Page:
ASP.NET Controls – CommunityServer Captcha ControlAdapter, a practical case

The ControlAdapter is available since .NET framework version 2.0 and his main goal is to adapt and customize a control render in order to achieve a specific behavior or layout. This customization is done without changing the base control.

A ControlAdapter is commonly used to custom render for specific platforms like Mobile.

In this particular case the ControlAdapter was used to add a specific behavior to a Control. In this  post I will use one adapter to add a Captcha to all WeblogPostCommentForm controls within CommunityServer instance.

The Challenge

The ControlAdapter complexity is usually associated with the complexity/structure of is base control. This case is precisely one of those since base control dynamically load his content (controls) thru several ITemplate.

Those of you who already played with ITemplate knows that while it is an excellent option for control composition it also brings to the table a big issue:

“Controls defined within a template are not available for manipulation until they are instantiated inside another control.”

While analyzing the WeblogPostCommentForm control I found that he uses the ITemplate technique to compose it’s layout and unfortunately I also found that the template content vary from theme to theme. This could have been a problem but luckily WeblogPostCommentForm control template content always contains a submit button with a well known ID (at least I can assume that there are a well known set of IDs).

Using this submit button as anchor it’s possible to add the Captcha controls in the correct place.

Another important finding was that WeblogPostCommentForm control inherits from the WrappedFormBase control which is the base control for all CommunityServer input forms.

Knowing this inheritance link the main goal has changed to became the creation of a base ControlAdapter that  could be extended and customized to allow adding Captcha to:

  • post comments form
  • contact form
  • user creation form.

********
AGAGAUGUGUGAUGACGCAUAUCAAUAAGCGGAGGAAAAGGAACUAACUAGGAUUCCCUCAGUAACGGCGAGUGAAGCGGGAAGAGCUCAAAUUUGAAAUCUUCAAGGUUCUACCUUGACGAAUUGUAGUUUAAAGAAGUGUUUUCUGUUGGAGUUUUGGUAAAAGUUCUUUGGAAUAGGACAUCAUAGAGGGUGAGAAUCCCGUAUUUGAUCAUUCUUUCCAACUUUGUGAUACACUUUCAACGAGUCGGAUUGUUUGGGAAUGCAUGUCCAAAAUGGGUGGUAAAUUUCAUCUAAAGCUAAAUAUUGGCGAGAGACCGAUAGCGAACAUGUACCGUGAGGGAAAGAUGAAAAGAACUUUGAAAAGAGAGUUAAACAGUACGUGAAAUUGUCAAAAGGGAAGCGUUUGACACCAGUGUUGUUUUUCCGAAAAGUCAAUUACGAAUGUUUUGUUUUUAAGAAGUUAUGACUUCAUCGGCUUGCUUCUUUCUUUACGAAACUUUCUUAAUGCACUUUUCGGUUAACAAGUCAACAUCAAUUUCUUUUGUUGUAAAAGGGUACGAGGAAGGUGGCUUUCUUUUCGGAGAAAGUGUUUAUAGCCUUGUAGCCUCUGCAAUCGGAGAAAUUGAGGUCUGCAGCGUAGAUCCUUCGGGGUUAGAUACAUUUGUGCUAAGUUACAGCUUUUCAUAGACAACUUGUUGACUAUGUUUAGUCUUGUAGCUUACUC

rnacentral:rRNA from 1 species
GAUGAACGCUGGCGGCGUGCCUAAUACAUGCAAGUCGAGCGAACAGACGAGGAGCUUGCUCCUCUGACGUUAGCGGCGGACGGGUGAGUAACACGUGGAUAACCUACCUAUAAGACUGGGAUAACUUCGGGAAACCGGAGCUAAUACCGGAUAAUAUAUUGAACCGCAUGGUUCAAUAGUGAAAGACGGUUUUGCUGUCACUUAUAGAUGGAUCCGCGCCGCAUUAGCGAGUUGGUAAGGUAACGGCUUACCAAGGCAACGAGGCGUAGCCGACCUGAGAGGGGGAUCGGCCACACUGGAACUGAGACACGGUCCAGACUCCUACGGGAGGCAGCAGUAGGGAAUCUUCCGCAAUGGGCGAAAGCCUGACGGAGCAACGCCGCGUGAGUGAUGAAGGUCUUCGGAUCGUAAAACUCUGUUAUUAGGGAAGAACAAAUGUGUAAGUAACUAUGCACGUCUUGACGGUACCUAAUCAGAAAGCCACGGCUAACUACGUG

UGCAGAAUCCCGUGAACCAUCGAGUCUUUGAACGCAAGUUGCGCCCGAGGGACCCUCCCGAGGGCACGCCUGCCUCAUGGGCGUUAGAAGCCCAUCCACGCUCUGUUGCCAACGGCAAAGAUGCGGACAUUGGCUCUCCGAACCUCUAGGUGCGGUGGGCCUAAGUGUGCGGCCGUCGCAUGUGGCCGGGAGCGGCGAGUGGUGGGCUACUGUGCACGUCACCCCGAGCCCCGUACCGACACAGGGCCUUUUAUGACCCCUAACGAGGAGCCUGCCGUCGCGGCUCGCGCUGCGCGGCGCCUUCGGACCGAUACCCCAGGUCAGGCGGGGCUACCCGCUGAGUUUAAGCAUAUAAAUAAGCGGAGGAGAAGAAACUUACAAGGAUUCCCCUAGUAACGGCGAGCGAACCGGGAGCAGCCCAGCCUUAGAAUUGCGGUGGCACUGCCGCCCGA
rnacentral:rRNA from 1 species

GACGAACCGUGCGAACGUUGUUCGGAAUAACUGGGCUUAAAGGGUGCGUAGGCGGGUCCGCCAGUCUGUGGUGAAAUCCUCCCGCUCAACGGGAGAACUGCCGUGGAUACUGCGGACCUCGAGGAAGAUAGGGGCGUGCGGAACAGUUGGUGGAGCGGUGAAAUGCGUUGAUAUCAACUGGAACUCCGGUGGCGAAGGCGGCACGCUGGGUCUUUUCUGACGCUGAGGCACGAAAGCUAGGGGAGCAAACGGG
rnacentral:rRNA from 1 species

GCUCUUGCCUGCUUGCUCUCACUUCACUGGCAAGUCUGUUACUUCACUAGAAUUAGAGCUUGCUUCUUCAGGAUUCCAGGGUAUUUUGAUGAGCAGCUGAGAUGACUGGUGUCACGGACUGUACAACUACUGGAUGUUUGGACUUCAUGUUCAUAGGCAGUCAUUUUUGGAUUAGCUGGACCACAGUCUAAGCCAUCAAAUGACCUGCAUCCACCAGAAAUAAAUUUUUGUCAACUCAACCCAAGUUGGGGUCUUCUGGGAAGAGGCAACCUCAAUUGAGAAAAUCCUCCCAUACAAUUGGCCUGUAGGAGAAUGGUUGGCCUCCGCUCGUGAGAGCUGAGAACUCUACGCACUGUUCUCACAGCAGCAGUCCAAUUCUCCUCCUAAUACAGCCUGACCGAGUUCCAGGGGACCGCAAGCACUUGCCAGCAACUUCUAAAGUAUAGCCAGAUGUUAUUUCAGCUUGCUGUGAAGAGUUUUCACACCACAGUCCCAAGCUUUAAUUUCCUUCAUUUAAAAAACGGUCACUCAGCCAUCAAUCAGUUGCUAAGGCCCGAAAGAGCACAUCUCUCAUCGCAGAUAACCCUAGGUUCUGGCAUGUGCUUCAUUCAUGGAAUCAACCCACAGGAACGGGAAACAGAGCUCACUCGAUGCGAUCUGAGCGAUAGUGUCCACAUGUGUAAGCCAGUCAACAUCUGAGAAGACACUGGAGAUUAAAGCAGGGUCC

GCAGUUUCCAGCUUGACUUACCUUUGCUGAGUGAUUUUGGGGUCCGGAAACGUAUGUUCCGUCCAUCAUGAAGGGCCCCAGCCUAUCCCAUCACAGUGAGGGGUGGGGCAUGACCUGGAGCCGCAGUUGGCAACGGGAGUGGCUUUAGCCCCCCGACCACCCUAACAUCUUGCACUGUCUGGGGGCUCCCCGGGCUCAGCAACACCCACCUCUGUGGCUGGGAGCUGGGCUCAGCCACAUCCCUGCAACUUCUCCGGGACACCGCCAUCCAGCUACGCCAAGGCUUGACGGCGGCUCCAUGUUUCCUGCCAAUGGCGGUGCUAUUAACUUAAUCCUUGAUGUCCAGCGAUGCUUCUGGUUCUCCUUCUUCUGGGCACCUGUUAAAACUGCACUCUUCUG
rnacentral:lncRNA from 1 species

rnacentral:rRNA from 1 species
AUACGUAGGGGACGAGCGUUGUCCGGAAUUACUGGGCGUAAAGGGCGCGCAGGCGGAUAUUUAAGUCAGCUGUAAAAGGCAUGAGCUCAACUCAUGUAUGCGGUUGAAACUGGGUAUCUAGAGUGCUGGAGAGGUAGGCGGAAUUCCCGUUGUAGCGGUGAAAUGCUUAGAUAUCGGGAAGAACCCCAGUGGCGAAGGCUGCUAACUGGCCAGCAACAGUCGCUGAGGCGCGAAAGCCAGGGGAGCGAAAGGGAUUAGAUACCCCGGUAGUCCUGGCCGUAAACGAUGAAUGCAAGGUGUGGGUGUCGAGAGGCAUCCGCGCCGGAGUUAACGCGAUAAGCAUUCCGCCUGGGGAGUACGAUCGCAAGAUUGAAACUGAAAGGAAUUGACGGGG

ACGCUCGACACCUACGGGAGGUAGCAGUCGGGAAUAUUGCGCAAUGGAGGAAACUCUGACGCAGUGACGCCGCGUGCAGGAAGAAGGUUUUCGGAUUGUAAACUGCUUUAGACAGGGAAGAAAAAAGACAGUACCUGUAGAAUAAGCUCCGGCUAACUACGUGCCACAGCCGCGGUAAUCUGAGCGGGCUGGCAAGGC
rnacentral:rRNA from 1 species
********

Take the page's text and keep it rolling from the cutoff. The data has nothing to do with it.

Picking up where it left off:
And, with this mind set, I decided to used the following ControlAdapter base class signature :

public abstract class WrappedFormBaseCaptchaAdapter<T> : ControlAdapter where T : WrappedFormBase{}

Great, but there are still many to do …


The Captcha will be assembled with:

  • A dynamically generated image with a set of random numbers
  • A TextBox control where the image number will be inserted
  • A Validator control to validate whether TextBox numbers match the image numbers

This is a common Captcha implementation, is not rocket science and don’t bring any additional problem. The main problem, as told before, is to find the correct anchor control to ensure a correct Captcha control injection.

The anchor control can vary by:

  • target control 
  • theme


To support this dynamic scenario I choose to use the following implementation:

private List<string> _validAnchorIds = null;
protected virtual List<string> ValidAnchorIds
        if (this._validAnchorIds == null)
            this._validAnchorIds = new List<string>();
        } return this._validAnchorIds;
private Control GetAnchorControl(T wrapper)
    if (this.ValidAnchorIds == null || this.ValidAnchorIds.Count == 0)
        throw new ArgumentException("Cannot be null or empty", "validAnchorNames");
    var q = from anchorId in this.ValidAnchorIds
            let anchorControl = CSControlUtility.Instance().FindControl(wrapper, anchorId)
            where anchorControl != null
            select anchorControl;
    return q.FirstOrDefault();

I can now, using the ValidAnchorIds property, configure a set of valid anchor control  Ids.

The GetAnchorControl method searches for a valid anchor control within the set of valid control Ids. Here, some of you may question why to use a LINQ To Objects expression, but the important here is to notice the usage of CSControlUtility.Instance().FindControl CommunityServer method. I want to build on top of CommunityServer not to reinvent the wheel.